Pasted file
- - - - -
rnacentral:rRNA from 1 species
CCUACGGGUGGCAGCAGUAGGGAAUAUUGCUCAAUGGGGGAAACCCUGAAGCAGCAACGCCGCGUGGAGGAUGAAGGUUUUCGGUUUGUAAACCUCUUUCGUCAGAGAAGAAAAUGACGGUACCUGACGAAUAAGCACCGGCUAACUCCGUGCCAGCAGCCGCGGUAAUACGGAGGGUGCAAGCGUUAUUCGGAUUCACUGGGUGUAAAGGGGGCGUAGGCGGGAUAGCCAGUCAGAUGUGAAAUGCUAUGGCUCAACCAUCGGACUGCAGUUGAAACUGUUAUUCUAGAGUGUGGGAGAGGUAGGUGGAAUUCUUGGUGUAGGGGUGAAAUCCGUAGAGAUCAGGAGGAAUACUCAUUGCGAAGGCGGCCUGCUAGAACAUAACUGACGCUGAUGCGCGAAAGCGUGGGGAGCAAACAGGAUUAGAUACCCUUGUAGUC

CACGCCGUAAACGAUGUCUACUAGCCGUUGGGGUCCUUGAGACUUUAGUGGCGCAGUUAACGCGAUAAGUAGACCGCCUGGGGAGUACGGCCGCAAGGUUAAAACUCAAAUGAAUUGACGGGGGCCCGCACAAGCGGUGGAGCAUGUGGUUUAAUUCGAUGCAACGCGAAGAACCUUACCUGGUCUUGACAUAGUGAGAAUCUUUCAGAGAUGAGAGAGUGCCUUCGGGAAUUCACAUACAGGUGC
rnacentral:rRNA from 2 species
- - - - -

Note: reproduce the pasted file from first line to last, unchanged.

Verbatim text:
rnacentral:rRNA from 1 species
CCUACGGGUGGCAGCAGUAGGGAAUAUUGCUCAAUGGGGGAAACCCUGAAGCAGCAACGCCGCGUGGAGGAUGAAGGUUUUCGGUUUGUAAACCUCUUUCGUCAGAGAAGAAAAUGACGGUACCUGACGAAUAAGCACCGGCUAACUCCGUGCCAGCAGCCGCGGUAAUACGGAGGGUGCAAGCGUUAUUCGGAUUCACUGGGUGUAAAGGGGGCGUAGGCGGGAUAGCCAGUCAGAUGUGAAAUGCUAUGGCUCAACCAUCGGACUGCAGUUGAAACUGUUAUUCUAGAGUGUGGGAGAGGUAGGUGGAAUUCUUGGUGUAGGGGUGAAAUCCGUAGAGAUCAGGAGGAAUACUCAUUGCGAAGGCGGCCUGCUAGAACAUAACUGACGCUGAUGCGCGAAAGCGUGGGGAGCAAACAGGAUUAGAUACCCUUGUAGUC

CACGCCGUAAACGAUGUCUACUAGCCGUUGGGGUCCUUGAGACUUUAGUGGCGCAGUUAACGCGAUAAGUAGACCGCCUGGGGAGUACGGCCGCAAGGUUAAAACUCAAAUGAAUUGACGGGGGCCCGCACAAGCGGUGGAGCAUGUGGUUUAAUUCGAUGCAACGCGAAGAACCUUACCUGGUCUUGACAUAGUGAGAAUCUUUCAGAGAUGAGAGAGUGCCUUCGGGAAUUCACAUACAGGUGC
rnacentral:rRNA from 2 species